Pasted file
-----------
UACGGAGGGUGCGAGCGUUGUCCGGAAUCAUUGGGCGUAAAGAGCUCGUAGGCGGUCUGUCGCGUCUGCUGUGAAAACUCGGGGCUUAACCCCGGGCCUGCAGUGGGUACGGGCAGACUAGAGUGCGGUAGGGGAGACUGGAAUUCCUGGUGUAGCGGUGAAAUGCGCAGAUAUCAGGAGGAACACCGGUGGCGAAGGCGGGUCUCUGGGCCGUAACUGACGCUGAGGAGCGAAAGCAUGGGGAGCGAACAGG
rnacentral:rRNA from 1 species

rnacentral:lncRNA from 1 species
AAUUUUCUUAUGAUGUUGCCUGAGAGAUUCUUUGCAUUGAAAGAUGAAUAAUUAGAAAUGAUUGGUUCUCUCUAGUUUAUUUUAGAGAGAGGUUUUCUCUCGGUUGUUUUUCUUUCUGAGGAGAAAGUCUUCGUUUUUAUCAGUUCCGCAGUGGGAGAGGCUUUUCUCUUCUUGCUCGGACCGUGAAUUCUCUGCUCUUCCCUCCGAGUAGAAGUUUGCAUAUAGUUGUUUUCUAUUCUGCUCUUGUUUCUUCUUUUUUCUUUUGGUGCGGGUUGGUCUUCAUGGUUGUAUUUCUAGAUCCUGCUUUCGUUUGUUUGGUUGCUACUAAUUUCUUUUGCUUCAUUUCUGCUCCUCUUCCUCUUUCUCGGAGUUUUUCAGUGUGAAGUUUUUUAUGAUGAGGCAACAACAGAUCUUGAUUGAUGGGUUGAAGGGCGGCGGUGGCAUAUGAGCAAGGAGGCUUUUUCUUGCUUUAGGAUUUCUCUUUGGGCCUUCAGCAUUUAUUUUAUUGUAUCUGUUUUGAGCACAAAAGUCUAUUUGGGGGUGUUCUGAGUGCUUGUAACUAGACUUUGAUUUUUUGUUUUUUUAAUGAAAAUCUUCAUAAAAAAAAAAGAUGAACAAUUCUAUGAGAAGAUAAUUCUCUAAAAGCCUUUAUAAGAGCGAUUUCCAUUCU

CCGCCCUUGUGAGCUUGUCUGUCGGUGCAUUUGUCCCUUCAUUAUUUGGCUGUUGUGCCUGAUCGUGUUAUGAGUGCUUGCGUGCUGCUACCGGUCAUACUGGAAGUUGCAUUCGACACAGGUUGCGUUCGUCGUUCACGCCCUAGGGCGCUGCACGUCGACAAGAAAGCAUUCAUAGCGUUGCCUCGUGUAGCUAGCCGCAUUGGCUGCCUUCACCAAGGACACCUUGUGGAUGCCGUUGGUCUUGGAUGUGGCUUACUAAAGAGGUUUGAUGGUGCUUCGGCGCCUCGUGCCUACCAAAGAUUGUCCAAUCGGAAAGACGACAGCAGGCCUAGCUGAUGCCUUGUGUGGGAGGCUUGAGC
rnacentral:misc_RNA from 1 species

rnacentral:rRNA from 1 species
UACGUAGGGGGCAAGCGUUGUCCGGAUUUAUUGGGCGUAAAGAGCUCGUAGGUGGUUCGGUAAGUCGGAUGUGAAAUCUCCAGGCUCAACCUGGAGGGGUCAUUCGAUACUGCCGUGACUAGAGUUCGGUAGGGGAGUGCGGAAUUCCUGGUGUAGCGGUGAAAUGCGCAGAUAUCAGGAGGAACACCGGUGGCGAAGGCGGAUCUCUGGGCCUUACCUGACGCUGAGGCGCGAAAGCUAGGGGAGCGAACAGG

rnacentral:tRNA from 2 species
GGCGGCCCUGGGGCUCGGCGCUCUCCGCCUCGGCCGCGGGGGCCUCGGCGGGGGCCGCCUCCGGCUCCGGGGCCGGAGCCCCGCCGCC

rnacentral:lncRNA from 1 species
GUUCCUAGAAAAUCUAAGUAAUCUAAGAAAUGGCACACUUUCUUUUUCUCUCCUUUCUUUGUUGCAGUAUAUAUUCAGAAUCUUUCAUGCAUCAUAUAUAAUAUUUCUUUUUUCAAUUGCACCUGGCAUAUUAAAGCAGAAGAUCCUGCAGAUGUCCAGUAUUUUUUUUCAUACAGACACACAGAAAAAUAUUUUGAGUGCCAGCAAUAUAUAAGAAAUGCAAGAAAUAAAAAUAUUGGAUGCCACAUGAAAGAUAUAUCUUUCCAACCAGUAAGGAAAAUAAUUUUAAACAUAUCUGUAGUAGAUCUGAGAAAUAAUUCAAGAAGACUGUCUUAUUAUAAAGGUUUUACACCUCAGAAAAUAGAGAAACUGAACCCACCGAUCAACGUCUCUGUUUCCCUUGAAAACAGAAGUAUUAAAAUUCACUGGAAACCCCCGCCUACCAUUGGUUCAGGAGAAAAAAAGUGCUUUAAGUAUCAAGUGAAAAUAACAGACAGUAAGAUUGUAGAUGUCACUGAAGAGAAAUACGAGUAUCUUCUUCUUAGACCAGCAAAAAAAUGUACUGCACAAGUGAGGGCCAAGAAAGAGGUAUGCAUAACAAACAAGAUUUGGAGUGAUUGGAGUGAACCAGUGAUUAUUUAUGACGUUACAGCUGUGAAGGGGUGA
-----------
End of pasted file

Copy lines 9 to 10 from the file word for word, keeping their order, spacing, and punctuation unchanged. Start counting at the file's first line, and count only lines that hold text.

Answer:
rnacentral:tRNA from 2 species
GGCGGCCCUGGGGCUCGGCGCUCUCCGCCUCGGCCGCGGGGGCCUCGGCGGGGGCCGCCUCCGGCUCCGGGGCCGGAGCCCCGCCGCC